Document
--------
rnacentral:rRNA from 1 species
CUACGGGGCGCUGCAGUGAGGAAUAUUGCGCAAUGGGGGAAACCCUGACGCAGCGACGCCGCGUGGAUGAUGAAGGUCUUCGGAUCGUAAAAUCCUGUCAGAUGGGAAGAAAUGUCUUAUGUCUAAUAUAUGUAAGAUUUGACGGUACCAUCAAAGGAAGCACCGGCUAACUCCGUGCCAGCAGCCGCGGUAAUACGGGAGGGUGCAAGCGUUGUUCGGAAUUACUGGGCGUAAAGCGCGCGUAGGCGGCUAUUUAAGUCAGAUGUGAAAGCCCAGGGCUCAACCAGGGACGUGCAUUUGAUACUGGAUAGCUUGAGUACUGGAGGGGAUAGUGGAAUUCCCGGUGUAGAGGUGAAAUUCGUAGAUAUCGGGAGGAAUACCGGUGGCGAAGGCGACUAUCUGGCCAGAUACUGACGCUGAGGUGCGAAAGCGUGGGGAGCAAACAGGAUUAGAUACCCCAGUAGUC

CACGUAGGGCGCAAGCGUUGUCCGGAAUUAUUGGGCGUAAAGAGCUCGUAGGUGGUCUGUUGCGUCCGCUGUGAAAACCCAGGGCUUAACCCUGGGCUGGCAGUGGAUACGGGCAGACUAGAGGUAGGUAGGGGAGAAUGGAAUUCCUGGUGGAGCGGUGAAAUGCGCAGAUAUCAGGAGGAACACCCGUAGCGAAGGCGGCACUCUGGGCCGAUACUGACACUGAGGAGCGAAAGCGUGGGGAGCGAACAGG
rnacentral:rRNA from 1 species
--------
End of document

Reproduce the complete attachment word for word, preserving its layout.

rnacentral:rRNA from 1 species
CUACGGGGCGCUGCAGUGAGGAAUAUUGCGCAAUGGGGGAAACCCUGACGCAGCGACGCCGCGUGGAUGAUGAAGGUCUUCGGAUCGUAAAAUCCUGUCAGAUGGGAAGAAAUGUCUUAUGUCUAAUAUAUGUAAGAUUUGACGGUACCAUCAAAGGAAGCACCGGCUAACUCCGUGCCAGCAGCCGCGGUAAUACGGGAGGGUGCAAGCGUUGUUCGGAAUUACUGGGCGUAAAGCGCGCGUAGGCGGCUAUUUAAGUCAGAUGUGAAAGCCCAGGGCUCAACCAGGGACGUGCAUUUGAUACUGGAUAGCUUGAGUACUGGAGGGGAUAGUGGAAUUCCCGGUGUAGAGGUGAAAUUCGUAGAUAUCGGGAGGAAUACCGGUGGCGAAGGCGACUAUCUGGCCAGAUACUGACGCUGAGGUGCGAAAGCGUGGGGAGCAAACAGGAUUAGAUACCCCAGUAGUC

CACGUAGGGCGCAAGCGUUGUCCGGAAUUAUUGGGCGUAAAGAGCUCGUAGGUGGUCUGUUGCGUCCGCUGUGAAAACCCAGGGCUUAACCCUGGGCUGGCAGUGGAUACGGGCAGACUAGAGGUAGGUAGGGGAGAAUGGAAUUCCUGGUGGAGCGGUGAAAUGCGCAGAUAUCAGGAGGAACACCCGUAGCGAAGGCGGCACUCUGGGCCGAUACUGACACUGAGGAGCGAAAGCGUGGGGAGCGAACAGG
rnacentral:rRNA from 1 species